“This is decades of poverty, social injustice, discrimination, you can’t turn that around in just two years,” she said.

“We are making some big improvements. We’re implementing changes in training and education of staff there – better screening.

“We need to do better,” she said, adding that she intended to visit Doomadgee.

Calls for immediate, tangible changes

A man wearing a black shirt under a black jacket.
Alec Doomadgee is calling for serious changes to be implemented immediately to prevent further deaths.(ABC News: Chris Gillette)

The coroner, NWHHS and the Office of the Health Ombudsman have all announced inquiries into the Doomadgee deaths.

However, previous inquiries have not delivered results for the community.

“If this ends up being an inquiry, and they throw one nurse under a bus, I think that’d be a shame because you’ve got a big issue there to resolve,” Mr Katter said.

“We’re sick of excuses. We want changes,” Mr Doomadgee said.

“I’m sick of burying my people.”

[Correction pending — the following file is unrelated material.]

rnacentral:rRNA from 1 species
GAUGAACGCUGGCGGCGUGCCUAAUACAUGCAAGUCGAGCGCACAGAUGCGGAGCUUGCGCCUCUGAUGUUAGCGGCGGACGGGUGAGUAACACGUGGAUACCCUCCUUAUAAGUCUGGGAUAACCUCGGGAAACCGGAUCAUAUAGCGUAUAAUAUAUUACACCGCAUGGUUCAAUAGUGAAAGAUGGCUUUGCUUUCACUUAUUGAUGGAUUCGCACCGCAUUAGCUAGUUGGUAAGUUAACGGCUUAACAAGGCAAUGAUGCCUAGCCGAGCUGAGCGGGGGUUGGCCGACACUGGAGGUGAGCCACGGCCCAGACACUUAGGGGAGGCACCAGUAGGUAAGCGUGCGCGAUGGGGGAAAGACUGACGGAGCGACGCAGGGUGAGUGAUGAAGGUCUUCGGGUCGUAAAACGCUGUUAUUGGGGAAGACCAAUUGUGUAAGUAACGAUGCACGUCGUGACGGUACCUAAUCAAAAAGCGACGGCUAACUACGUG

As for the residents of Doomadgee, faith in the health system has all but completely evaporated.

For the families of the victims, any change would come too little too late.

Three women sit at a table and chairs outside a brick hospital building. The photo is taken between the bars of the fence.
Three women sitting outside Doomadgee Hospital.(Four Corners: Louie Eroglu ACS)

“Our hearts are broken. They are going to keep killing them. And get away with it,” said Marilyn Haala, relative of victim Yvette ‘Betty’ Booth.

#Leaders #slam #Queensland #Healths #response #appalling #Doomadgee #Hospital #deaths

Related Articles

Leave a Reply

Your email address will not be published. Required fields are marked *

Back to top button